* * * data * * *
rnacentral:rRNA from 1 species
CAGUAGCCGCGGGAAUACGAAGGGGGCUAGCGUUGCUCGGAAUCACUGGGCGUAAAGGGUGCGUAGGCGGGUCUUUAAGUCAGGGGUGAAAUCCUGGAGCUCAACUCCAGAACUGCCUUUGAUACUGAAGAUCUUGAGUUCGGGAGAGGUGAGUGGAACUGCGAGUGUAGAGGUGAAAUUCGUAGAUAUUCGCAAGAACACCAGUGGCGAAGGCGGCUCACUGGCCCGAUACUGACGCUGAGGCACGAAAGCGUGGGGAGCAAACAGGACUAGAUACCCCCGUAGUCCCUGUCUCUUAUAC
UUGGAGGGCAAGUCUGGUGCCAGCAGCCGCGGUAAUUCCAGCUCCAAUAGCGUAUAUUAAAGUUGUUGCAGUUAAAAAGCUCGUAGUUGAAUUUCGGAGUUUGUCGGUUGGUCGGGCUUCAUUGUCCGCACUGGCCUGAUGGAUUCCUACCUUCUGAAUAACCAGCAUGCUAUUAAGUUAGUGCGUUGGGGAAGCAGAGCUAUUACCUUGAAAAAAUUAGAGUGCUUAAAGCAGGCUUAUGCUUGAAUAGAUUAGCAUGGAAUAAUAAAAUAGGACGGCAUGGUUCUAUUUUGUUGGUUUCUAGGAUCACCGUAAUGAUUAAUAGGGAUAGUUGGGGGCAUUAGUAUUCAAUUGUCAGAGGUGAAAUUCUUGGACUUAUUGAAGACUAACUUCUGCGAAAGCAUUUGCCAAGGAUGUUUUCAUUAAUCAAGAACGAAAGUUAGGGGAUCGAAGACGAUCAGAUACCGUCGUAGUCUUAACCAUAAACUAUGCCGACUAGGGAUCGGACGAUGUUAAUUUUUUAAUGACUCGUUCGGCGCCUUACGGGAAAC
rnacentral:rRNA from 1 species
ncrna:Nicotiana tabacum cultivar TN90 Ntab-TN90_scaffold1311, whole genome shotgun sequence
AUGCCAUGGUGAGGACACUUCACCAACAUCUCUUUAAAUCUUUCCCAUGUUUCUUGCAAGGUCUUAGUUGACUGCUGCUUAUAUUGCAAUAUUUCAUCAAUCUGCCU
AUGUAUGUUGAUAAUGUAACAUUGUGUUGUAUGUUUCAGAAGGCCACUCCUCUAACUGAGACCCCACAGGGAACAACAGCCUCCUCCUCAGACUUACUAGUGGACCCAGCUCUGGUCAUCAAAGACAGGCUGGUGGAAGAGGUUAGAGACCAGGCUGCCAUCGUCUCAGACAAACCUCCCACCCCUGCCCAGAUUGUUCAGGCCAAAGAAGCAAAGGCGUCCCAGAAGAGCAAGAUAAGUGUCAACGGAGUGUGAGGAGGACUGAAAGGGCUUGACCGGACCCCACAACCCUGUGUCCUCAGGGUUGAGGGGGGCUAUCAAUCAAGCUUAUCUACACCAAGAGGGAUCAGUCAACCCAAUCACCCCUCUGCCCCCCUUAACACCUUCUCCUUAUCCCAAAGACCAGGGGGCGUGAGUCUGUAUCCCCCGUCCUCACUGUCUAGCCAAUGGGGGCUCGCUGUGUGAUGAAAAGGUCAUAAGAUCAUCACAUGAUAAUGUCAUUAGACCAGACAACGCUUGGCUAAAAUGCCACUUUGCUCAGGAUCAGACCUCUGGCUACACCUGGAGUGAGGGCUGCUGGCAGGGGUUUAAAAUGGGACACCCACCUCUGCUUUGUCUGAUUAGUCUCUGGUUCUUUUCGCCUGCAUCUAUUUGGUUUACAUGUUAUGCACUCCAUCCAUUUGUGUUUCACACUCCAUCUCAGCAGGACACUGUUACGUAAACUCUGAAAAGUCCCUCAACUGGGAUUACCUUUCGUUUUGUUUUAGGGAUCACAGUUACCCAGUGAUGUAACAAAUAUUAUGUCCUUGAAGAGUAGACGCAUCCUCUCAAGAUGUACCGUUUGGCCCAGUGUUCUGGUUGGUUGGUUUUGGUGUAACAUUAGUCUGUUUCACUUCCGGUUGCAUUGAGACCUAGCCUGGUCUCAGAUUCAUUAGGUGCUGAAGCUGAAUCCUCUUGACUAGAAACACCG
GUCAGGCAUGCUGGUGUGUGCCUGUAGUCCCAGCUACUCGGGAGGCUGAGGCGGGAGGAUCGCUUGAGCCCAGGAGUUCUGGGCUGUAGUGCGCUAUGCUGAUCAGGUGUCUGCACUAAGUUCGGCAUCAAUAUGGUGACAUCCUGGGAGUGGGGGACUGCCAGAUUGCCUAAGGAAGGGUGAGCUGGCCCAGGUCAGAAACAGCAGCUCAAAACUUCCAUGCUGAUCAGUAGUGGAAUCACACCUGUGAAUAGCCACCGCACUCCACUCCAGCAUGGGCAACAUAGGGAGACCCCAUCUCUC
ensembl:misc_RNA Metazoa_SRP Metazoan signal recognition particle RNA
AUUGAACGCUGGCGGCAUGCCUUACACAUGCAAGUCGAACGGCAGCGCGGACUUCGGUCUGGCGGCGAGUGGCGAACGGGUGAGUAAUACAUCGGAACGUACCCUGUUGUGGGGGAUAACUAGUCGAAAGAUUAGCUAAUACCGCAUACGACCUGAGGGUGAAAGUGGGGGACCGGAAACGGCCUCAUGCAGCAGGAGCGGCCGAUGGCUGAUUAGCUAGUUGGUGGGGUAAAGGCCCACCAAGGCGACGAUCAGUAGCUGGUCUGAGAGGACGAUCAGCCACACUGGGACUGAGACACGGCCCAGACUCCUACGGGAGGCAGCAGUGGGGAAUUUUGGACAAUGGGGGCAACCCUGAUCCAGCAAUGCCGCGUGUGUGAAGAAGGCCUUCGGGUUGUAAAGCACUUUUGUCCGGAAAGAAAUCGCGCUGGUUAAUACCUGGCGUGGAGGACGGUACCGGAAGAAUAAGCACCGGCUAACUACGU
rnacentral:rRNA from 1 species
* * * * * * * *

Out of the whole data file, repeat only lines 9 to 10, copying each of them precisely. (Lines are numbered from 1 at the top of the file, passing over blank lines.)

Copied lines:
ensembl:misc_RNA Metazoa_SRP Metazoan signal recognition particle RNA
AUUGAACGCUGGCGGCAUGCCUUACACAUGCAAGUCGAACGGCAGCGCGGACUUCGGUCUGGCGGCGAGUGGCGAACGGGUGAGUAAUACAUCGGAACGUACCCUGUUGUGGGGGAUAACUAGUCGAAAGAUUAGCUAAUACCGCAUACGACCUGAGGGUGAAAGUGGGGGACCGGAAACGGCCUCAUGCAGCAGGAGCGGCCGAUGGCUGAUUAGCUAGUUGGUGGGGUAAAGGCCCACCAAGGCGACGAUCAGUAGCUGGUCUGAGAGGACGAUCAGCCACACUGGGACUGAGACACGGCCCAGACUCCUACGGGAGGCAGCAGUGGGGAAUUUUGGACAAUGGGGGCAACCCUGAUCCAGCAAUGCCGCGUGUGUGAAGAAGGCCUUCGGGUUGUAAAGCACUUUUGUCCGGAAAGAAAUCGCGCUGGUUAAUACCUGGCGUGGAGGACGGUACCGGAAGAAUAAGCACCGGCUAACUACGU